Oil Rises as OPEC Says May Cut Supply
NEW YORK Oil prices rose Monday as the OPEC cartel said it might cut supply as the Northern Hemisphere winter draws to a close.
U.S. crude oil settled 28 cents higher at $47.44 a barrel, within a $45-$50 range held over the past five weeks. London Brent crude settled 25 cents higher at $45.53 a barrel.
Prices have bounced from a one-month low last week after the International Energy Agency (IEA) adjusted its forecasts for this year, raising its expectation for demand growth and lowering its forecasts for new supply.
The IEA showed heightened need for oil from the Organization of the Petroleum Exporting Countries, but the cartel remains more focused on a feared slowdown in second-quarter demand.
Last Friday, OPEC's acting Secretary-General Adnan Shihab-Eldin told Reuters the group might need to cut supply for the second quarter even if consumption stayed robust, and would need a faster, bigger cut if demand were to fall sharply.
The chances of OPEC trimming production before the cartel's March 16 meeting in Iran have been diminished, but not eliminated, by stronger-than-expected demand, he said.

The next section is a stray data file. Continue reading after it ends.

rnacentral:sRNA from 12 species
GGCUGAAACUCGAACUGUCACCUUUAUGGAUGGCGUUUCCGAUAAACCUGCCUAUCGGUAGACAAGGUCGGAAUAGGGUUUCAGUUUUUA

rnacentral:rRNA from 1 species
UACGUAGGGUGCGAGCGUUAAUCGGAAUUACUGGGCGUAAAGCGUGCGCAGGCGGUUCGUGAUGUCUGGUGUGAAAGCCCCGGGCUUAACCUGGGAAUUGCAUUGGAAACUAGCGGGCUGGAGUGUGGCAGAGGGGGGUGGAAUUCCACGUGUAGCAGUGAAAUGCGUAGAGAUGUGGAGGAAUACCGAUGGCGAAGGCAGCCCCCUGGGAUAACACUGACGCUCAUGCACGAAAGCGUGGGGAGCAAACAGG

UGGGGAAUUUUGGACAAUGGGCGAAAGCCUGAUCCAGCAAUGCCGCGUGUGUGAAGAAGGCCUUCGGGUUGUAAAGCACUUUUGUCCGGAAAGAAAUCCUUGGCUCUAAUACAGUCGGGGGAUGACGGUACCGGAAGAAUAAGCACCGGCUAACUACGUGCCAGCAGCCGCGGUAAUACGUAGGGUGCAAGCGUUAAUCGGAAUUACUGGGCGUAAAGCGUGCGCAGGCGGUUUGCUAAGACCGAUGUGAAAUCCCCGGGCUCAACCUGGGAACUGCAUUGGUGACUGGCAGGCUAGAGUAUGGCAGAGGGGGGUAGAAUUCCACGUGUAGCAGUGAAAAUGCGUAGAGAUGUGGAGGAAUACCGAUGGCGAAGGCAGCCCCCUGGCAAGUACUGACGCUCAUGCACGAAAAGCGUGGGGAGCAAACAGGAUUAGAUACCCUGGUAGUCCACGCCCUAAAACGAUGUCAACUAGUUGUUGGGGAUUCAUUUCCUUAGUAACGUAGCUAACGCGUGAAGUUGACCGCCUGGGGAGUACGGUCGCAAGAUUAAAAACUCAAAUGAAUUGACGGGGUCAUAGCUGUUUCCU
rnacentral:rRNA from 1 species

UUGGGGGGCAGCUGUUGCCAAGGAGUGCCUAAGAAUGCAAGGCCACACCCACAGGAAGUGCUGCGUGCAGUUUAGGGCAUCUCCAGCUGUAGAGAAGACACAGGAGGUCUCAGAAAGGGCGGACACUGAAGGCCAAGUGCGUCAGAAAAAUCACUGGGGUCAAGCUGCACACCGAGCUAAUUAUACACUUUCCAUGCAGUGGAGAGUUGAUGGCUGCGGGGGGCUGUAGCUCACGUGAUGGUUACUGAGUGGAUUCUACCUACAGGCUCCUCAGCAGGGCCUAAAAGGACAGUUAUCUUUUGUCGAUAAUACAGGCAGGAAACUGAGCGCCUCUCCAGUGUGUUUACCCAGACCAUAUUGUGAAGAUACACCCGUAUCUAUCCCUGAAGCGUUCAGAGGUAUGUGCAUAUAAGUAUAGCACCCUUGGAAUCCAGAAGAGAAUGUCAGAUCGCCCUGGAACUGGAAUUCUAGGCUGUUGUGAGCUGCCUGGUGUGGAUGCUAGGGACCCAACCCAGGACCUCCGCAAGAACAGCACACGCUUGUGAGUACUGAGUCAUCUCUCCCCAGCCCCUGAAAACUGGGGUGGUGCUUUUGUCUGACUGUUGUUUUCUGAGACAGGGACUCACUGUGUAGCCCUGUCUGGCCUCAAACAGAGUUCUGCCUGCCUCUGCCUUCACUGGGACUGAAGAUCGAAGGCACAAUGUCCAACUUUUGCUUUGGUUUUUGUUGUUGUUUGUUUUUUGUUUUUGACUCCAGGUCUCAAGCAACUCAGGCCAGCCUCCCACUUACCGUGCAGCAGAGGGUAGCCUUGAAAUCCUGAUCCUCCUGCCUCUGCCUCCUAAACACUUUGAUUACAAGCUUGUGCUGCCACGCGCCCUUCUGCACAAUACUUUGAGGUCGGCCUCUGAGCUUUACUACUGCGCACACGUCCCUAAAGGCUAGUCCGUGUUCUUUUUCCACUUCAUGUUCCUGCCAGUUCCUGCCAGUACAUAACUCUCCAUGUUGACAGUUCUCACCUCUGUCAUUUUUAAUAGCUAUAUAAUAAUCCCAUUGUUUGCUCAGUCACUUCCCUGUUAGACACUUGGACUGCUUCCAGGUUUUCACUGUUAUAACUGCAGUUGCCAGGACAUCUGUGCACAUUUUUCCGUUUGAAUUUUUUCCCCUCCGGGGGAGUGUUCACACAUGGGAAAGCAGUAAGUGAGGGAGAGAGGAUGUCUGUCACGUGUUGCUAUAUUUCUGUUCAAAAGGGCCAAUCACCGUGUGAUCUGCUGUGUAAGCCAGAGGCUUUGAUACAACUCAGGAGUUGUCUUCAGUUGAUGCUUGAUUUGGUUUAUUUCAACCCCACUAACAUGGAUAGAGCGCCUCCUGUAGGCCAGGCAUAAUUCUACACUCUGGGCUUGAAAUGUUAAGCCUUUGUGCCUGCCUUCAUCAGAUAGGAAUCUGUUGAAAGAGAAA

Oil traded lower in the morning but rose through the day as independent traders took long positions.
"It couldn't get any traction at the lower levels, so it's getting support from the possibility that OPEC might cut in the second quarter," said Marshall Steeves, analyst at Refco in New York.
OPEC agreed in January to keep output steady for the time being, but warned that it could agree snap cuts by telephone if prices fell sharply or stockpiles rose, serving notice to traders not to count on a sustained price fall.
Some cartel members have staked out $40 a barrel for U.S. crude as a level they are prepared to defend.
Oil speculators, the most liquid segment of the market, have taken note of OPEC's warning and have stayed long, trimming their positions by just over 3,000 lots to hold 27,557 lots of net length in crude futures by Feb. 8, data showed on Friday.
On the supply side, Iraq has resumed its northern oil exports after supplies were halted by attacks since mid-December, industry sources said.
The U.S. Energy Information Administration will release weekly petroleum supply data Wednesday. A Reuters forecast showed crude oil stocks likely rose for the first time in three weeks last week by a mild 1.1 million barrels.